The chairman of Parliament's sports portfolio committee, Butana Komphela, has vowed to ensure that Dr Harold Adams, the doctor for the South African team at the world athletics championships in Berlin, is removed as one of President Jacob Zuma's doctors.

Komphela made the threat after Athletics South Africa (ASA) appeared before the portfolio committee to explain its handling of the Caster Semenya sex-testing controversy.

Adams arranged the initial gender tests on Semenya and later cautioned the athletics body against letting Semenya race after obtaining results of the tests which allegedly showed that the 800m athlete had three times more testosterone than a normal female.

Adams, who is also the president of Boland Athletics, has now called on the ASA leadership to quit over its handling of the Semenya affair.

But Komphela slammed Adams's role in the saga, accusing him of having been responsible for leaking Semenya's test results to the media.

"Where is this Adams? He is the most dangerous person I've seen in my life, who divulges other people's information. We must go to the board where he is registered and raise this issue with them."

He told MPs he had it on good authority that Adams was one of Zuma's doctors and that he (Komphela) would guarantee that he was barred from treating the president.

"I have information that he is the president's doctor. But he will never be the president's doctor with that kind of behaviour. I can give you my 100 percent guarantee that this man will never be my president's doctor," said Komphela.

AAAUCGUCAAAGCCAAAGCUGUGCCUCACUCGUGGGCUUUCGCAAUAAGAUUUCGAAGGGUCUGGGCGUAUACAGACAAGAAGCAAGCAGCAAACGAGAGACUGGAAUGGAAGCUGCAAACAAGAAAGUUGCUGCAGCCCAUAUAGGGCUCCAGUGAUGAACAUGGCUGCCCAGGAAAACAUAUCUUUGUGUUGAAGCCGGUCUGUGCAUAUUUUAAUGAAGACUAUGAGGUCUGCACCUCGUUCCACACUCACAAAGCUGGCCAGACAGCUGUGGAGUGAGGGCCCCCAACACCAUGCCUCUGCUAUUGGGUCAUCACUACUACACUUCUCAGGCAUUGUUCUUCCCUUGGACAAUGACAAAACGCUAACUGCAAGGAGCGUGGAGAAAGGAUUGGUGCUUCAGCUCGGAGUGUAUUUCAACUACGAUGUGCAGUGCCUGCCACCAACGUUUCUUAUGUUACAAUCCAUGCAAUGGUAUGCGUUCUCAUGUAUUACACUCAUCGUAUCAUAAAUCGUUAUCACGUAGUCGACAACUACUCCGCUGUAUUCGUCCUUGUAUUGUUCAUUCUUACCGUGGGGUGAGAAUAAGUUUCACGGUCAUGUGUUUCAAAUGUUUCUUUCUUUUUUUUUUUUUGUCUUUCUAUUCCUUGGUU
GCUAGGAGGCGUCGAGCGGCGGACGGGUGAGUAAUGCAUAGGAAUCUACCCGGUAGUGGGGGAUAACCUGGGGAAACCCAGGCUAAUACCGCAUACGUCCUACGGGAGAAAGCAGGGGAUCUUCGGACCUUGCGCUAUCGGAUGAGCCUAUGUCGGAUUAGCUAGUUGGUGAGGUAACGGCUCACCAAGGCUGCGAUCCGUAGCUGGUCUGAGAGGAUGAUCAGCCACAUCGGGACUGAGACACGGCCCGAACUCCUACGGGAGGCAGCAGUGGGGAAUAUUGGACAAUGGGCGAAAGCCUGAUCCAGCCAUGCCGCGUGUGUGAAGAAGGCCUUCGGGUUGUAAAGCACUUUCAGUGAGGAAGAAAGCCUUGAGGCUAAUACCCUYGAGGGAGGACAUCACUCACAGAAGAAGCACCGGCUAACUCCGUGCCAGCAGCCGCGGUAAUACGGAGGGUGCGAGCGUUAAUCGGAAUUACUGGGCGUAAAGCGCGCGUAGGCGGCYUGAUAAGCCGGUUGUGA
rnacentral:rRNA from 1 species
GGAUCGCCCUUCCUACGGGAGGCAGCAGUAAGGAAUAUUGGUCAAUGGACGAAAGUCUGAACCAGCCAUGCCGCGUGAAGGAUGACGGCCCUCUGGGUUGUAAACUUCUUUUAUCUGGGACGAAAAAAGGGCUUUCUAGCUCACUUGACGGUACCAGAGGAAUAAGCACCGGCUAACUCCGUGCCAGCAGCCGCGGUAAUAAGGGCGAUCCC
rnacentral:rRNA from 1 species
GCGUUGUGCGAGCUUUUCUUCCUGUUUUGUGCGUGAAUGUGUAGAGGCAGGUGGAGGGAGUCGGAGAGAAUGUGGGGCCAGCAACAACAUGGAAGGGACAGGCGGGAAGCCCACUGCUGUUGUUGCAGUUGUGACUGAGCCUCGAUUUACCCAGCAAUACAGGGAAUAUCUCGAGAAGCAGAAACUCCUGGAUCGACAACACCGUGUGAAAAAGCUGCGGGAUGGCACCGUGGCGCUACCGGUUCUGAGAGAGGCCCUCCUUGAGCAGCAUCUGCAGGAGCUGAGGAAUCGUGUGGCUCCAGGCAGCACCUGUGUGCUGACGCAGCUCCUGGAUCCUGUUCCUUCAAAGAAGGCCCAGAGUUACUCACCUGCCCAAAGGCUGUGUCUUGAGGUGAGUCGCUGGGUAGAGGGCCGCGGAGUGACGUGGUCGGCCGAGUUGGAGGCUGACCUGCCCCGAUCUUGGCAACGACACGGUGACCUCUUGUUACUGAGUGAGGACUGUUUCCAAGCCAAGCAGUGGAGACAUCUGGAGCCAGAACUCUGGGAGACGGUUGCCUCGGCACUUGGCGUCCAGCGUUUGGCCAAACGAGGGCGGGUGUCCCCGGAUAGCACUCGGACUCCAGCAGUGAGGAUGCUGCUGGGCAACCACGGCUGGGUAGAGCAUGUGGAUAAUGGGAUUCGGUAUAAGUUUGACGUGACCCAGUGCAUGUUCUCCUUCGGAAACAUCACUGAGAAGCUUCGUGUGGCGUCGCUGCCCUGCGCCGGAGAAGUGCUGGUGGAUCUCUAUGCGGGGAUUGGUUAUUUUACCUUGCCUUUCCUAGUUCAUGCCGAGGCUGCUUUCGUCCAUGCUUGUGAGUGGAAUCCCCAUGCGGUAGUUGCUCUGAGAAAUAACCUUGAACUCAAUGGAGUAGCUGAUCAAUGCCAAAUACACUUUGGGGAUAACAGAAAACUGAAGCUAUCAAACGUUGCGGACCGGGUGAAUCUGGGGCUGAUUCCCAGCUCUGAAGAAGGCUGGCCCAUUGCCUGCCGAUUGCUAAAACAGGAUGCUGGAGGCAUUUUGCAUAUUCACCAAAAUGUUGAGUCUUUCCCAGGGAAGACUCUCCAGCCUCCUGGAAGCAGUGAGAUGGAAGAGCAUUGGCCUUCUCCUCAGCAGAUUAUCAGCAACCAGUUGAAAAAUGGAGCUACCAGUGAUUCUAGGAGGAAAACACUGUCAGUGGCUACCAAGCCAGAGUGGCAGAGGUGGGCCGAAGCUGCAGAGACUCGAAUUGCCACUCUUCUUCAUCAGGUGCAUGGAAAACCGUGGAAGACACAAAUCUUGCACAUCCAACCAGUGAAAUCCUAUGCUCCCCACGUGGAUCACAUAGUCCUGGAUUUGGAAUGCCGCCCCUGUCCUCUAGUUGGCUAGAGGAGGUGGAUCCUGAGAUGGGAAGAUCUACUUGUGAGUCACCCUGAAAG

Presidential spokesman Vincent Magwenya said Adams was part of the surgeon-general's office as one of the doctors assigned by the SANDF to the president.

"I cannot respond to what ANC members of the committee may or may not have said in Parliament. Matters relating to the president's care are managed by the military, therefore he (Adams) is in the employ of the (defence force)," said Magwenya.

Adams could not be reached for comment.

Meanwhile ANC members of the sports and recreation portfolio committee have demanded that the International Athletics Federation (IAAF) leadership, which is planning to visit South Africa next month, apologise to Semenya before they set foot on South African soil.

ANC MP Moses Dikgacwi called on IAAF president Lamine Diack to apologise to all South Africans for the manner in which his federation had handled the Semenya saga.

"ASA must tell the IAAF president that he is not welcome in this country unless he apologises," Dikgacwi said.

Komphela warned that "things will not be nice" for Diack if he came to South Africa without first apologising.